Well, despite facing daily must-win situations, they’ve won their last five games while outscoring opponents 39-9. Meanwhile, on a perfect fall Thursday evening here, they perfectly answered some of their autumn questions.
Could they survive without their future Hall of Famer as their pitching anchor? The answer was a resounding yes. It was written in this space that it was a smart decision to pitch Ryu in the opener instead of Kershaw — a controversial move made earlier this week — but I had no idea it would be this smart.
While striking out eight with no walks, Ryu allowed only one runner to reach second base. He improved his reputation as a big-game pitcher by lowering his ERA in four postseason starts to 1.96.
“He was on, on, on,” said Hernandez.
That the Dodgers can now hand the ball to Kershaw with a one-game lead is likely to turn the Braves off, off, off.
“Amazing,” said Turner.
As for Kershaw, he smiled throughout a pregame news conference about the decision, but wouldn’t say he agreed with it, noting only, “They had theirreasons, and I accepted them.”
Everyone could see those reasons Thursday, and now the recently struggling Kershaw is charged with making his own case Friday.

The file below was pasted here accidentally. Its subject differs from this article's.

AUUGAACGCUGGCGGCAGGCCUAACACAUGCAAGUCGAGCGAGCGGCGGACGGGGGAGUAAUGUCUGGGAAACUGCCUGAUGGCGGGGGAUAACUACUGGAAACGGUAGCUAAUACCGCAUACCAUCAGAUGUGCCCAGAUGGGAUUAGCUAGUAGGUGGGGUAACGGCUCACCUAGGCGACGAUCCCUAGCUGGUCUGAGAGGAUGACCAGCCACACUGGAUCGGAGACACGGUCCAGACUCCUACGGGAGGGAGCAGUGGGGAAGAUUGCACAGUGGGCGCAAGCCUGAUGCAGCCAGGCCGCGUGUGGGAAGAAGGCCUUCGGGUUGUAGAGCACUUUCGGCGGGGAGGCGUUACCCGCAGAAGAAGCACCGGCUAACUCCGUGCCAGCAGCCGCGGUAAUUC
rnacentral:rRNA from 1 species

“I think I probably would have been fine either way,” said Kershaw, and we’ll soon find out.
Then there was the question of home runs. The Dodger hit a franchise record 235 homers this year, but folks wondered if that launch angle stuff would play in the postseason.
“Homers feel good, obviously,” said Hernandez.
Finally, there was the question of whether the free-swinging Dodgers could also put together the sort of smart plate appearances that win championships.
Well, check that box too. They drew eight walks from Braves pitchers while working starter Foltynewicz into such deep counts, he threw 28 pitches in the first inning.
“This is the time where you want everyone to be their best and not try to do too much and pass the baton, and we did a really good job of that tonight,” said Turner. “Taking good at-bats, linking them together, make guys work hard.”
The Braves worked hard. The Dodgers barely broke a sweat. This doesn’t seem to be a fair fight. It certainly doesn’t appear like it will be a long one.